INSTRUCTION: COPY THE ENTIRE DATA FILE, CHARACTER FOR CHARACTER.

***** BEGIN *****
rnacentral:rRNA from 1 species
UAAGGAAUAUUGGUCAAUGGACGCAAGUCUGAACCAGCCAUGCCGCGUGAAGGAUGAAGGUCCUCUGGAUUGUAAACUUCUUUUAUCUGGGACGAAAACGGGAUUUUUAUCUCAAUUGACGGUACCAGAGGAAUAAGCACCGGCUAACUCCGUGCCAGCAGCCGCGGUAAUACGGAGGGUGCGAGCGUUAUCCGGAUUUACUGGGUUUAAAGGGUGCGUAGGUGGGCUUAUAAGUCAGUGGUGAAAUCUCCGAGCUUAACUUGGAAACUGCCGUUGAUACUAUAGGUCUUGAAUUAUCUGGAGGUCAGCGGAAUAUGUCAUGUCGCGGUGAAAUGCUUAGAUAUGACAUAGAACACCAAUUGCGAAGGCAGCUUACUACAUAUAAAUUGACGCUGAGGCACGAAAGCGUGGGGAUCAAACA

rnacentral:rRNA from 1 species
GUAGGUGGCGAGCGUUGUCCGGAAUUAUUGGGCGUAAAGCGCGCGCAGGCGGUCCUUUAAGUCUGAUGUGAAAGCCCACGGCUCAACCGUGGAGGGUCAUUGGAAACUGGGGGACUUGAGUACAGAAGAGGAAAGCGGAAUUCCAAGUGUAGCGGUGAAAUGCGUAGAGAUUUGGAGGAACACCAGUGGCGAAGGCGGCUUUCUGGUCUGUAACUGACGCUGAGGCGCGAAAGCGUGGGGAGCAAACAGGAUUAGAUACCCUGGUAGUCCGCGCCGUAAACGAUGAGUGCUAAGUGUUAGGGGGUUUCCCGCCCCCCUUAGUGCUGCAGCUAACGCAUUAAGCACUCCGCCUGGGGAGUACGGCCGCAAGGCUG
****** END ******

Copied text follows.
rnacentral:rRNA from 1 species
UAAGGAAUAUUGGUCAAUGGACGCAAGUCUGAACCAGCCAUGCCGCGUGAAGGAUGAAGGUCCUCUGGAUUGUAAACUUCUUUUAUCUGGGACGAAAACGGGAUUUUUAUCUCAAUUGACGGUACCAGAGGAAUAAGCACCGGCUAACUCCGUGCCAGCAGCCGCGGUAAUACGGAGGGUGCGAGCGUUAUCCGGAUUUACUGGGUUUAAAGGGUGCGUAGGUGGGCUUAUAAGUCAGUGGUGAAAUCUCCGAGCUUAACUUGGAAACUGCCGUUGAUACUAUAGGUCUUGAAUUAUCUGGAGGUCAGCGGAAUAUGUCAUGUCGCGGUGAAAUGCUUAGAUAUGACAUAGAACACCAAUUGCGAAGGCAGCUUACUACAUAUAAAUUGACGCUGAGGCACGAAAGCGUGGGGAUCAAACA

rnacentral:rRNA from 1 species
GUAGGUGGCGAGCGUUGUCCGGAAUUAUUGGGCGUAAAGCGCGCGCAGGCGGUCCUUUAAGUCUGAUGUGAAAGCCCACGGCUCAACCGUGGAGGGUCAUUGGAAACUGGGGGACUUGAGUACAGAAGAGGAAAGCGGAAUUCCAAGUGUAGCGGUGAAAUGCGUAGAGAUUUGGAGGAACACCAGUGGCGAAGGCGGCUUUCUGGUCUGUAACUGACGCUGAGGCGCGAAAGCGUGGGGAGCAAACAGGAUUAGAUACCCUGGUAGUCCGCGCCGUAAACGAUGAGUGCUAAGUGUUAGGGGGUUUCCCGCCCCCCUUAGUGCUGCAGCUAACGCAUUAAGCACUCCGCCUGGGGAGUACGGCCGCAAGGCUG